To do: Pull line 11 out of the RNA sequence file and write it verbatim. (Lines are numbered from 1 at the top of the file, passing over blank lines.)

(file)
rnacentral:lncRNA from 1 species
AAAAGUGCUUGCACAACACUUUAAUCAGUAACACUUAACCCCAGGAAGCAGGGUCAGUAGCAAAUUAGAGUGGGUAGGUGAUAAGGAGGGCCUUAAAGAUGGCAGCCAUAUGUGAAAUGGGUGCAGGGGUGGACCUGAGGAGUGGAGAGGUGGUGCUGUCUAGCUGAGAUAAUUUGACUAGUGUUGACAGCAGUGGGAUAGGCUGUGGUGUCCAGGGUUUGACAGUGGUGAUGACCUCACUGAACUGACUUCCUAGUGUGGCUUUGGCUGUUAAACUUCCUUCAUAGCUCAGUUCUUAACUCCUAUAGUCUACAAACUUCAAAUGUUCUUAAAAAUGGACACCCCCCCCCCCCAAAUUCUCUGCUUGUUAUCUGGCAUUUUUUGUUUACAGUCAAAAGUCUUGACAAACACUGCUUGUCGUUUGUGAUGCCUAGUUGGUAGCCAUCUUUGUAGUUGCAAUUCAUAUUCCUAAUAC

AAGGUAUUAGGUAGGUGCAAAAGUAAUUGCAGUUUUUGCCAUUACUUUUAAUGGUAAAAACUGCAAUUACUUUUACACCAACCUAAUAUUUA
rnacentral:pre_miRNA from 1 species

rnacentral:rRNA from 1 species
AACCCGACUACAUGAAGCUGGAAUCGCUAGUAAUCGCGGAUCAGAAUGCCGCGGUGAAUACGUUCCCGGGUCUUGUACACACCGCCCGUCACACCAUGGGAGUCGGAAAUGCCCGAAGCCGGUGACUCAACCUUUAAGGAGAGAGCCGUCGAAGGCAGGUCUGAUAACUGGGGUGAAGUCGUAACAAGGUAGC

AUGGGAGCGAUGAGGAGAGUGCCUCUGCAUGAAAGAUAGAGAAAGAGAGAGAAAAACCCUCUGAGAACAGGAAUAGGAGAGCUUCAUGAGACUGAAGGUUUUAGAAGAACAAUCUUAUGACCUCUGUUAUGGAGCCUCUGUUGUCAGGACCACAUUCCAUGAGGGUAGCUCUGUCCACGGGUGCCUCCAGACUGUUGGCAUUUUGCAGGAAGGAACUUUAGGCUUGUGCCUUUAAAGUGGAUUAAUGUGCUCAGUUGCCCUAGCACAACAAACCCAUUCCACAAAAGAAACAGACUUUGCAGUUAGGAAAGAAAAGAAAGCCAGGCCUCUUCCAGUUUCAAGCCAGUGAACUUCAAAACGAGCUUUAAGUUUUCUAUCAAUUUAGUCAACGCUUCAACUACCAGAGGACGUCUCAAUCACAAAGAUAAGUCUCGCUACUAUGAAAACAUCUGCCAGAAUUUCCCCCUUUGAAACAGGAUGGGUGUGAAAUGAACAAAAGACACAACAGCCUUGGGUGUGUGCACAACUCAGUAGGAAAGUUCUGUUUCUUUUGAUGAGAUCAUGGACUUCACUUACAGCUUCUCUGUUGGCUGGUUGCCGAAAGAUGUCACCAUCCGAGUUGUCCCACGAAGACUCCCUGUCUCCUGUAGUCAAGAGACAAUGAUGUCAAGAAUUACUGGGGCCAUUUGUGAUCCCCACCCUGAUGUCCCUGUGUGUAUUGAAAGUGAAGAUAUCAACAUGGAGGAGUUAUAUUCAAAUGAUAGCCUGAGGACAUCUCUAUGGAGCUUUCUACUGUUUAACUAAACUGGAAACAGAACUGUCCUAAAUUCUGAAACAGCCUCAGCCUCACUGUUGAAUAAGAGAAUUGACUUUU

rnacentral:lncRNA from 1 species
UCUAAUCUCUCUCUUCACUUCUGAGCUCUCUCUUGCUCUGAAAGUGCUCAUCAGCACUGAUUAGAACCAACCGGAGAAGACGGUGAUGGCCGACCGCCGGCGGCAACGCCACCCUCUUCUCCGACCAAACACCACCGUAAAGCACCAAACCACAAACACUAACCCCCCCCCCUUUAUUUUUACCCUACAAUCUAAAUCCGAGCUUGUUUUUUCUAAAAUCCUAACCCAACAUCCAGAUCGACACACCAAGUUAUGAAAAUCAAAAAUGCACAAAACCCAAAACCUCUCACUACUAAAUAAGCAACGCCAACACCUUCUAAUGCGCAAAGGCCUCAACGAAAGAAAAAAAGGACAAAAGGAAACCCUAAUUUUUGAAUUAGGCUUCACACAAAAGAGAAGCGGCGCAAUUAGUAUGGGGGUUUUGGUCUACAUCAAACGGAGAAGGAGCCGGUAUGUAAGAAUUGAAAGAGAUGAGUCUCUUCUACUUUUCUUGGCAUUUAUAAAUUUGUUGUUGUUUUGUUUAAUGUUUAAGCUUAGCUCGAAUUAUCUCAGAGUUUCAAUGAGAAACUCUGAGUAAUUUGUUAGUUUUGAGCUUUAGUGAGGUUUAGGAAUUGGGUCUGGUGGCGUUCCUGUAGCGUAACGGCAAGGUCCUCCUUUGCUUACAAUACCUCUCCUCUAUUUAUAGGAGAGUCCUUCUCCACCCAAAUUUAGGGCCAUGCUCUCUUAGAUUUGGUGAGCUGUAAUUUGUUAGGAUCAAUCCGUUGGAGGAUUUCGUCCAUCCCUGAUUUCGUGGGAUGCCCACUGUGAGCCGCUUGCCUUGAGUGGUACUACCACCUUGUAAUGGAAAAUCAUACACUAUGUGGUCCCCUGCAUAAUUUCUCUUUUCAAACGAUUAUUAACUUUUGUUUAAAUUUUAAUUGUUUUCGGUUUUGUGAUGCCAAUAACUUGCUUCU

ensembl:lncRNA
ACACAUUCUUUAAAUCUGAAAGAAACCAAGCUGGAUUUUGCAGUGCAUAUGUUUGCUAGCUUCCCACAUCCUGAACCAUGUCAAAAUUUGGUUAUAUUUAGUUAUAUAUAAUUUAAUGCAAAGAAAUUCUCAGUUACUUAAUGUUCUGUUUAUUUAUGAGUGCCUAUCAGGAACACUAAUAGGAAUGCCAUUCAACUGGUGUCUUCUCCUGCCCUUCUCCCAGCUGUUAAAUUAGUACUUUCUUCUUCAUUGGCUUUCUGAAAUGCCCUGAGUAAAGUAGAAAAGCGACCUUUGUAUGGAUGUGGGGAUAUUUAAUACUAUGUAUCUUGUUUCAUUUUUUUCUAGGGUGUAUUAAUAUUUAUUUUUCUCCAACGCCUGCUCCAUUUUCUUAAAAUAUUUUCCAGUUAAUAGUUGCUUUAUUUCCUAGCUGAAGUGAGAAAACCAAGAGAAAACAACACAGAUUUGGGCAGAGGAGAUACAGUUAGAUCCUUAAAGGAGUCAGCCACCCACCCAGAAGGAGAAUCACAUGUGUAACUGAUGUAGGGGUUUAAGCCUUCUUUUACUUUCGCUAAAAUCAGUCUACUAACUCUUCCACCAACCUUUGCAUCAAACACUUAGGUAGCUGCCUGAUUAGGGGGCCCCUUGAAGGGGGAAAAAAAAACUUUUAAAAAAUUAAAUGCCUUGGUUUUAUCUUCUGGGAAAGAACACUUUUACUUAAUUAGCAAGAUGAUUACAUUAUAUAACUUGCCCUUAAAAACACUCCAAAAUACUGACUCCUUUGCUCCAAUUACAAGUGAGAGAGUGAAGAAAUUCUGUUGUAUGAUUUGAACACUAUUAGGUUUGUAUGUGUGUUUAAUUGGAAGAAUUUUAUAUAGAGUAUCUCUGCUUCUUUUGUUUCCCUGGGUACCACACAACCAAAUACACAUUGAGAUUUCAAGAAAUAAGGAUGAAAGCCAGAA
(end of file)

ACACAUUCUUUAAAUCUGAAAGAAACCAAGCUGGAUUUUGCAGUGCAUAUGUUUGCUAGCUUCCCACAUCCUGAACCAUGUCAAAAUUUGGUUAUAUUUAGUUAUAUAUAAUUUAAUGCAAAGAAAUUCUCAGUUACUUAAUGUUCUGUUUAUUUAUGAGUGCCUAUCAGGAACACUAAUAGGAAUGCCAUUCAACUGGUGUCUUCUCCUGCCCUUCUCCCAGCUGUUAAAUUAGUACUUUCUUCUUCAUUGGCUUUCUGAAAUGCCCUGAGUAAAGUAGAAAAGCGACCUUUGUAUGGAUGUGGGGAUAUUUAAUACUAUGUAUCUUGUUUCAUUUUUUUCUAGGGUGUAUUAAUAUUUAUUUUUCUCCAACGCCUGCUCCAUUUUCUUAAAAUAUUUUCCAGUUAAUAGUUGCUUUAUUUCCUAGCUGAAGUGAGAAAACCAAGAGAAAACAACACAGAUUUGGGCAGAGGAGAUACAGUUAGAUCCUUAAAGGAGUCAGCCACCCACCCAGAAGGAGAAUCACAUGUGUAACUGAUGUAGGGGUUUAAGCCUUCUUUUACUUUCGCUAAAAUCAGUCUACUAACUCUUCCACCAACCUUUGCAUCAAACACUUAGGUAGCUGCCUGAUUAGGGGGCCCCUUGAAGGGGGAAAAAAAAACUUUUAAAAAAUUAAAUGCCUUGGUUUUAUCUUCUGGGAAAGAACACUUUUACUUAAUUAGCAAGAUGAUUACAUUAUAUAACUUGCCCUUAAAAACACUCCAAAAUACUGACUCCUUUGCUCCAAUUACAAGUGAGAGAGUGAAGAAAUUCUGUUGUAUGAUUUGAACACUAUUAGGUUUGUAUGUGUGUUUAAUUGGAAGAAUUUUAUAUAGAGUAUCUCUGCUUCUUUUGUUUCCCUGGGUACCACACAACCAAAUACACAUUGAGAUUUCAAGAAAUAAGGAUGAAAGCCAGAA